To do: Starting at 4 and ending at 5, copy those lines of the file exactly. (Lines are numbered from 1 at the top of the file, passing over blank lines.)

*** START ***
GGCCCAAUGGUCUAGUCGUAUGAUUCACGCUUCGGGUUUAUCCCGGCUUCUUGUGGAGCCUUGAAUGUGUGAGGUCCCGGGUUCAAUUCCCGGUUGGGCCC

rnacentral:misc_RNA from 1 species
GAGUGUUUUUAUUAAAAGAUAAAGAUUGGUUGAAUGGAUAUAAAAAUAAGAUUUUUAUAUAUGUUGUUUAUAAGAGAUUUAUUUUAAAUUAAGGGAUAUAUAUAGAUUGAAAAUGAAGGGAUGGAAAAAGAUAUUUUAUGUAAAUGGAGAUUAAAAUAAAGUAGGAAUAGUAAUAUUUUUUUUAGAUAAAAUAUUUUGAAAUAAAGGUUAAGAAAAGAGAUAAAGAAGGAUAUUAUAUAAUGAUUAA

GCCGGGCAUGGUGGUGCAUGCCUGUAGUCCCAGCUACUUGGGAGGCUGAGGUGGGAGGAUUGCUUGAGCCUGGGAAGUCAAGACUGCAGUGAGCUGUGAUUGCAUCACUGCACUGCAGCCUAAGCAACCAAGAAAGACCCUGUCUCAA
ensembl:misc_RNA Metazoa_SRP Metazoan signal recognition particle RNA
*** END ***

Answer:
GCCGGGCAUGGUGGUGCAUGCCUGUAGUCCCAGCUACUUGGGAGGCUGAGGUGGGAGGAUUGCUUGAGCCUGGGAAGUCAAGACUGCAGUGAGCUGUGAUUGCAUCACUGCACUGCAGCCUAAGCAACCAAGAAAGACCCUGUCUCAA
ensembl:misc_RNA Metazoa_SRP Metazoan signal recognition particle RNA